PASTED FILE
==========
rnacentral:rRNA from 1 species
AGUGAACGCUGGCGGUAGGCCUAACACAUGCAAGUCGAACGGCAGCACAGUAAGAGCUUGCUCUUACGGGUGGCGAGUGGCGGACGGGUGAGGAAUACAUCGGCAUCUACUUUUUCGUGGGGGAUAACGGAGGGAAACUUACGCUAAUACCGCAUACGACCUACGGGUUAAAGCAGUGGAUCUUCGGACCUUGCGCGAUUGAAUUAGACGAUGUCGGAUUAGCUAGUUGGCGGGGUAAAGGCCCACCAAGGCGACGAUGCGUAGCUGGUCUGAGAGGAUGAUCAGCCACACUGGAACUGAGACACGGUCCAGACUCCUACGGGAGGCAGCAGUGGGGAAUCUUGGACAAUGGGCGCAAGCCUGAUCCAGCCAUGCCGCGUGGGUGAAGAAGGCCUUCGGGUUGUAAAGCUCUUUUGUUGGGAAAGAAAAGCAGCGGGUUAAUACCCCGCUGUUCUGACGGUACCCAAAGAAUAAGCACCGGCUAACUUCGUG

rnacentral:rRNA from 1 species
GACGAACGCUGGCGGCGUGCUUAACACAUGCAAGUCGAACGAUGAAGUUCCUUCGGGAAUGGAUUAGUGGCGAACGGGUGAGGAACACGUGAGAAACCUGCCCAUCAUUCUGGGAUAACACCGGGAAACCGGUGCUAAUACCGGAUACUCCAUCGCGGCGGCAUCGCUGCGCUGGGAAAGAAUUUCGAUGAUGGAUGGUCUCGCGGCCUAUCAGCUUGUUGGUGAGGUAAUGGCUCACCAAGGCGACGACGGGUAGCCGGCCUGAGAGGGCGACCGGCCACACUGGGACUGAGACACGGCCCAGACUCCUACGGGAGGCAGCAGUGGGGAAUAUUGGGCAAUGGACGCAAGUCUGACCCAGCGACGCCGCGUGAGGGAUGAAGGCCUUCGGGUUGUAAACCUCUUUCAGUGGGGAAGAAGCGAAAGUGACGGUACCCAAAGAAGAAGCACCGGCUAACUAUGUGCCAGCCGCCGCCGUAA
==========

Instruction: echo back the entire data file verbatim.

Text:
rnacentral:rRNA from 1 species
AGUGAACGCUGGCGGUAGGCCUAACACAUGCAAGUCGAACGGCAGCACAGUAAGAGCUUGCUCUUACGGGUGGCGAGUGGCGGACGGGUGAGGAAUACAUCGGCAUCUACUUUUUCGUGGGGGAUAACGGAGGGAAACUUACGCUAAUACCGCAUACGACCUACGGGUUAAAGCAGUGGAUCUUCGGACCUUGCGCGAUUGAAUUAGACGAUGUCGGAUUAGCUAGUUGGCGGGGUAAAGGCCCACCAAGGCGACGAUGCGUAGCUGGUCUGAGAGGAUGAUCAGCCACACUGGAACUGAGACACGGUCCAGACUCCUACGGGAGGCAGCAGUGGGGAAUCUUGGACAAUGGGCGCAAGCCUGAUCCAGCCAUGCCGCGUGGGUGAAGAAGGCCUUCGGGUUGUAAAGCUCUUUUGUUGGGAAAGAAAAGCAGCGGGUUAAUACCCCGCUGUUCUGACGGUACCCAAAGAAUAAGCACCGGCUAACUUCGUG

rnacentral:rRNA from 1 species
GACGAACGCUGGCGGCGUGCUUAACACAUGCAAGUCGAACGAUGAAGUUCCUUCGGGAAUGGAUUAGUGGCGAACGGGUGAGGAACACGUGAGAAACCUGCCCAUCAUUCUGGGAUAACACCGGGAAACCGGUGCUAAUACCGGAUACUCCAUCGCGGCGGCAUCGCUGCGCUGGGAAAGAAUUUCGAUGAUGGAUGGUCUCGCGGCCUAUCAGCUUGUUGGUGAGGUAAUGGCUCACCAAGGCGACGACGGGUAGCCGGCCUGAGAGGGCGACCGGCCACACUGGGACUGAGACACGGCCCAGACUCCUACGGGAGGCAGCAGUGGGGAAUAUUGGGCAAUGGACGCAAGUCUGACCCAGCGACGCCGCGUGAGGGAUGAAGGCCUUCGGGUUGUAAACCUCUUUCAGUGGGGAAGAAGCGAAAGUGACGGUACCCAAAGAAGAAGCACCGGCUAACUAUGUGCCAGCCGCCGCCGUAA